New framework for international development
Last updated: 02/12/2011 //
More than 150 countries and a wide range of organisations have reached agreement on a common framework for development cooperation at the high-level forum in South Korea. For the first time, China, India and Brazil are also on board.
On 1 December the Fourth High-Level Forum on Aid Effectiveness in Busan, South Korea adopted a declaration on more effective international development cooperation.
“We have reached agreement on a new framework for development cooperation. The high-level forum in Busan concluded that development is about more than just aid, a view that Norway has put forward for some time. The new framework is highly compatible with Norwegian development policy,” said Minister of the Environment and International Development Erik Solheim.
The declaration places greater emphasis on results than has previously been the case. It also sets clearer requirements regarding local ownership. Developing countries are themselves to be responsible for their own development. This means that donor countries should issue fewer guidelines as to how development is to be achieved. The principles of greater transparency and mutual respect between donors and recipients of aid were also reinforced. And while in the past developed countries affiliated to the Organisation for Economic Co-operation and Development (OECD) have determined the ground rules for international development, new donor countries are now also involved in the process.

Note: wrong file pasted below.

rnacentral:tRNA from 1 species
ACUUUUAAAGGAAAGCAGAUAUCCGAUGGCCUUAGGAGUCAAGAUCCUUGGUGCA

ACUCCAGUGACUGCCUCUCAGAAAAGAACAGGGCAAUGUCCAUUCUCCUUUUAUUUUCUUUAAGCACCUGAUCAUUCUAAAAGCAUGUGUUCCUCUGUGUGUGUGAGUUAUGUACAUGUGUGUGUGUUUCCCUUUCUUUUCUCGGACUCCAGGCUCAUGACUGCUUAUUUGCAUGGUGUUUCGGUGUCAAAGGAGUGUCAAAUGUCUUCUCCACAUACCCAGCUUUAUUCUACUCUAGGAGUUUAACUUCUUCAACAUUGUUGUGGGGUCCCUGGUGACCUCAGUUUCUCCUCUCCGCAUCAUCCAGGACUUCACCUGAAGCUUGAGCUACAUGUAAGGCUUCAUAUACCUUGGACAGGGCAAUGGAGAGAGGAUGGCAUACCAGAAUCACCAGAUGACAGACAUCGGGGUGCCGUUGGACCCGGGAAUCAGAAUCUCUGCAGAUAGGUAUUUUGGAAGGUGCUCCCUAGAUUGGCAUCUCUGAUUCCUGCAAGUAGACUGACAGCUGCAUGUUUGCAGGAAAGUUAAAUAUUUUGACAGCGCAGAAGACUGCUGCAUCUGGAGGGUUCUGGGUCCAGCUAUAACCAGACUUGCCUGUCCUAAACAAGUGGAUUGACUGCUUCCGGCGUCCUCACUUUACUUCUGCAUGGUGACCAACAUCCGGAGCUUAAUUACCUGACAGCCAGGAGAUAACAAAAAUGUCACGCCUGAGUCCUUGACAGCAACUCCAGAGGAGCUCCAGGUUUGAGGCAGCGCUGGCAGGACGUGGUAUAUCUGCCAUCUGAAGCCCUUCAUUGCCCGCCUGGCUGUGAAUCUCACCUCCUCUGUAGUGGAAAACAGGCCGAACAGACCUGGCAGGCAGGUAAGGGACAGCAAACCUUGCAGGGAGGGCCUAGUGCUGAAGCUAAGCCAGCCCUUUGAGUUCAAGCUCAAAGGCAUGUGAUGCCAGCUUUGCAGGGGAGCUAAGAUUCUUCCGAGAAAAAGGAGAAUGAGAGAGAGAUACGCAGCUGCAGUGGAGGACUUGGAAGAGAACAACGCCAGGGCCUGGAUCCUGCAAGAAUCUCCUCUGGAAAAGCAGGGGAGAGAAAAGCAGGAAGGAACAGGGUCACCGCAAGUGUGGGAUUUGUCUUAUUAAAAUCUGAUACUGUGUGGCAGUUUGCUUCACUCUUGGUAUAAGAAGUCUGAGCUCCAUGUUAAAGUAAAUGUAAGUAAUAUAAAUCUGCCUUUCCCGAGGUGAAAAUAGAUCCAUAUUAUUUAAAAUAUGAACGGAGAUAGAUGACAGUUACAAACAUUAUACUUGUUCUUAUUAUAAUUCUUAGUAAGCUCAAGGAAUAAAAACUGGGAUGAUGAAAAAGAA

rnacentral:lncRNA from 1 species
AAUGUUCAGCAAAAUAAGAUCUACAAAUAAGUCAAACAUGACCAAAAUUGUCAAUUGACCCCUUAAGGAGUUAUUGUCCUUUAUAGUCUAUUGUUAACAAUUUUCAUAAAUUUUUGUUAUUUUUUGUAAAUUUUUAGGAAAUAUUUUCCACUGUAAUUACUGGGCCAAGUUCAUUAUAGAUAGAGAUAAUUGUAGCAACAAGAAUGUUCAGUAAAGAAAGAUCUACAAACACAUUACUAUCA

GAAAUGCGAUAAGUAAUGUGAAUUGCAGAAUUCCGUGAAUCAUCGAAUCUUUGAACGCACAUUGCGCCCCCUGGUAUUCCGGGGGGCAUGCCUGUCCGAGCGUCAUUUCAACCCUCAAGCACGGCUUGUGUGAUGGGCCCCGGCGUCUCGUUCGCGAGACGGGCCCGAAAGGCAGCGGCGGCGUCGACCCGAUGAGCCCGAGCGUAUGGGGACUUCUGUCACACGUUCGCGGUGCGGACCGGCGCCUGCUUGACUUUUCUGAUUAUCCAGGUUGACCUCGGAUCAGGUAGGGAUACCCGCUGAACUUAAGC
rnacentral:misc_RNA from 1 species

“We were particularly pleased that new donor countries such as China, India and Brazil also endorsed the Busan declaration. It shows that the shift of power that has taken place in the world is also being reflected the field of development cooperation,” said Mr Solheim.
At the high-level forum Mr Solheim promoted the issues of climate change financing and the fight against corruption and illegal capital flows. He also led the debate on results-based development assistance together with the UK, Sweden and the EU. Results-based assistance means that funding is not to be transferred until results have been achieved, a policy that Norway already practises, for example in connection with its International Climate and Forest Initiative and in the field of health.